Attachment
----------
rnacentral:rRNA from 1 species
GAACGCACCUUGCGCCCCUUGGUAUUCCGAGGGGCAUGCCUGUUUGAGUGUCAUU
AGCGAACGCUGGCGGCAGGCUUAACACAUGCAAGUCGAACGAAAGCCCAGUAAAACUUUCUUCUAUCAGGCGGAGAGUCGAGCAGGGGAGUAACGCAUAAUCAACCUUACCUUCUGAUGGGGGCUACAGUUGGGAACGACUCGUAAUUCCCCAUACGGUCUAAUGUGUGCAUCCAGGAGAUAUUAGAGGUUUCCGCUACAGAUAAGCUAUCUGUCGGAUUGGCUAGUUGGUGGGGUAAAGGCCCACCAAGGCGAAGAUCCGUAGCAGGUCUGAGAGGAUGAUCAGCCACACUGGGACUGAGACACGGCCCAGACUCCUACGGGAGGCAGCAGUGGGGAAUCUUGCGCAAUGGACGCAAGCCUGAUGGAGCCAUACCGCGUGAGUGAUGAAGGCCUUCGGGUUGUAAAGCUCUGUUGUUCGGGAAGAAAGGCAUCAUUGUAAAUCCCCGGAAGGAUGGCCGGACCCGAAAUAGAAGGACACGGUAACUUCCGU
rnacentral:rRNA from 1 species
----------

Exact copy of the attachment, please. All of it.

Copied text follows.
rnacentral:rRNA from 1 species
GAACGCACCUUGCGCCCCUUGGUAUUCCGAGGGGCAUGCCUGUUUGAGUGUCAUU
AGCGAACGCUGGCGGCAGGCUUAACACAUGCAAGUCGAACGAAAGCCCAGUAAAACUUUCUUCUAUCAGGCGGAGAGUCGAGCAGGGGAGUAACGCAUAAUCAACCUUACCUUCUGAUGGGGGCUACAGUUGGGAACGACUCGUAAUUCCCCAUACGGUCUAAUGUGUGCAUCCAGGAGAUAUUAGAGGUUUCCGCUACAGAUAAGCUAUCUGUCGGAUUGGCUAGUUGGUGGGGUAAAGGCCCACCAAGGCGAAGAUCCGUAGCAGGUCUGAGAGGAUGAUCAGCCACACUGGGACUGAGACACGGCCCAGACUCCUACGGGAGGCAGCAGUGGGGAAUCUUGCGCAAUGGACGCAAGCCUGAUGGAGCCAUACCGCGUGAGUGAUGAAGGCCUUCGGGUUGUAAAGCUCUGUUGUUCGGGAAGAAAGGCAUCAUUGUAAAUCCCCGGAAGGAUGGCCGGACCCGAAAUAGAAGGACACGGUAACUUCCGU
rnacentral:rRNA from 1 species